India crowned Twenty20 Champions
India have won the inaugural World Twenty20 in South Africa after a thrilling final in which arch-rivals Pakistan fell five runs short of their victory target of 158 in Johannesburg.
They were up against it when Umar Gul (3-28) helped restrict them to 157-5, which Gautam Gambhir's 75 dominated.
But RP Singh struck twice early on and Irfan Pathan took 3-16 as a succession of batsmen tossed away their wickets.
Misbah-ul-Haq (43) smashed three sixes in a Harbhajan Singh over and one more in the final over off Joginder Sharma but was caught to end an amazing game.
It brought a hugely entertaining tournament to a fitting climax and was always likely - after all the teams tied their group game and there was a similar frenzied atmosphere when the latest instalment in their rich rivalry commenced at a packed Wanderers.
Gambhir was a figure of calm assurance, however, after debutant Yusuf Pathan and Robin Uthappa perished with mis-timed heaves during a frenetic opening.
He placed and timed the ball elegantly, particularly through the covers, as he brought up his fifty in 38 balls.
The left-hander put India on course for a formidable total, but Yuvraj Singh - India's hero against England and Australia - never got going as Gul exerted control with his clever variations in pace and length.
Gul took a return catch after Yuvraj top-edged a pull and sent skipper Mahendra Dhoni's leg-stump flying as the scoring slowed dramatically between the 14th and 18th overs.
Gambhir quite literally hurt Gul's figures by smashing the ball into the scoreboard over the mid-wicket fence but Gul had the last word by having him snapped up at short fine-leg pouched the ball to become the leading wicket-taker in the tournament with 13.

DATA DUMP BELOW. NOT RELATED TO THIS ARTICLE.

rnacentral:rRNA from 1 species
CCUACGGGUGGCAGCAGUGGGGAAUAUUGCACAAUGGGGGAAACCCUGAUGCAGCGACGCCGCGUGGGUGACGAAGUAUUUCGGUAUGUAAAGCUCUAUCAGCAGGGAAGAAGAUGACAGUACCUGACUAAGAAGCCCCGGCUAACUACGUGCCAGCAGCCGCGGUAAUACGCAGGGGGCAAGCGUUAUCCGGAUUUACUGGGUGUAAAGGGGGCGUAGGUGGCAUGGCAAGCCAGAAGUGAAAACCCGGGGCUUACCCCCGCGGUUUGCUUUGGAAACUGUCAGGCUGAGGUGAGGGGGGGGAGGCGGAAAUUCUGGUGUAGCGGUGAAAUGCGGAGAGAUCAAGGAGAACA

Sharma collected successive fours off Yasir Arafat and Mohammad Hafeez helped a swipe off Sohail Tanvir over the wide long-on boundary to take the score past 150.
But India still had a lot of work to do to clinch their first major silverware since the 1983 World Cup final and deny their neighbours the chance to emulate their 1992 50-over triumph.
Their prospects looked brighter when Hafeez guided RP Singh's fifth ball to Uthappa to slip and Kamran Akmal lost his off-stump to an inswinger from the left-arm paceman.
But as long as Imran Nazir stayed at the crease the run rate was never likely to be an issue.
He battered two fours and two sixes off an atrocious first over from the unruly Sree Santh which cost 21 runs.
Younus Khan was nowhere near as convincing, although he managed to get bat on ball to collect successive leg-side fours off Santh to take the team past 50 in the sixth over.
The innings then capitulated from 52-2 to 77-6 as Dhoni's bowling changes took the pace off the ball.
Nazir, who went into the game with a groin problem and was refused a runner, was short of the crease when Uthappa's throw from mid-off hit the stumps.
Younus holed out to mid-on, while skipper Shoaib Malik and dangerman Shahid Afrid, who went first ball, tossed their wickets away with ambitious heaves off Irfan Pathan.
The seamer cleaned up Yasir Arafat to end a brief revival but Misbah-ul-Haq swung off-spinner Harbhajan between cow corner and long-on, and Tanvir flicked the returning Santh for two more maximums to provide a massive twist in the tale.
Crucially, Santh ended the over by knocking out the tail-ender's off-stump and RP Singh cleaned up Gul with his penultimate delivery.
Joginder Sharma was entrusted with the final over and began with a horrible wide and when Misbah battered another six down the ground the game looked up but Misbah's gamble of trying to loft it over the keeper's head backfired horribly.